Cost leadership is needed to cut government debt.

AuthorGlass, George
PositionA word from the president

A representative from the World Bank recently described the mismanagement of public sector spending in one developing country as a "form of corruption on a grand scale". Emotive words, but they are a timely reminder of the global need for prudence and accountability when it comes to public sector spending.

Few countries have avoided the Shockwaves of the economic downturn and it is essential that governments ensure that the social impact is kept to a minimum. I had absorbing discussions about cost leadership with CIMA members in government positions in both Canberra and Wellington on my recent trip to Australia and New Zealand.

It was interesting to compare their views with the findings of a report published by CIMA last summer, which argued that a lack of strategic leadership and poor performance management practices had contributed to the current spending crisis in the UK. The report outlined how cost leadership and better management information could contribute to more informed decisionmaking and help to reduce government debt.

Some savings can be made by improving the efficiency of the finance function in government departments. But the bigger prize - billions rather than millions - is to ensure that ministers have accurate information (financial and non-financial) on which to base policy, make decisions and run public services effectively.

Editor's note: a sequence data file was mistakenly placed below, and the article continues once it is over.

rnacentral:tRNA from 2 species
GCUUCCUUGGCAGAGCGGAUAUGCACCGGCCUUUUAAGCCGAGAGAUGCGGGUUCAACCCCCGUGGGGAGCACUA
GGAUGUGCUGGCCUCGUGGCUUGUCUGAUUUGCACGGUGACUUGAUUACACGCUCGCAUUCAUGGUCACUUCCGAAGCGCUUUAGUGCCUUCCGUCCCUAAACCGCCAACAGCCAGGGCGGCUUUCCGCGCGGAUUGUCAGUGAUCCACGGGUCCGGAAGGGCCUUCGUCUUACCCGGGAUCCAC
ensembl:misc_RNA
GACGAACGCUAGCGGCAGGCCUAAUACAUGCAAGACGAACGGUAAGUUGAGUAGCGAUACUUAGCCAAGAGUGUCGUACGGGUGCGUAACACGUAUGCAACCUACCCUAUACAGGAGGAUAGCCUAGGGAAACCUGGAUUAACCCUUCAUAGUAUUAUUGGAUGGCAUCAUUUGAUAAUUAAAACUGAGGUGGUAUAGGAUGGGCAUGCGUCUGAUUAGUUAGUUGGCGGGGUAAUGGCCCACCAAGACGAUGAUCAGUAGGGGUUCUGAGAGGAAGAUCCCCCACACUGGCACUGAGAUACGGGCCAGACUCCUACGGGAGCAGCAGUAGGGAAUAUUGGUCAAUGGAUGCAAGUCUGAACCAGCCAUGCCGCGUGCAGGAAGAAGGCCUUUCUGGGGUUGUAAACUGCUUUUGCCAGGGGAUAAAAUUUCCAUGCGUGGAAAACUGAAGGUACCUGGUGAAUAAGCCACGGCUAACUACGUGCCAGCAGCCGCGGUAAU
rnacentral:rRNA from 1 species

A high-quality performance management structure, supported by effective management accounting, is crucial for the effective measurement of outputs and outcomes, and to reduce the costs of delivery.

At present, the decision-making process is imprecise. Correct management information would aid the development of evidence-based policies. It would also complement the work of economists in framing objectives and forecasting the expected results, as well as making the machine of central government "smarter".


In this respect, the UK is by no means unique. Governments around the world are grappling with similar problems. Whatever country...

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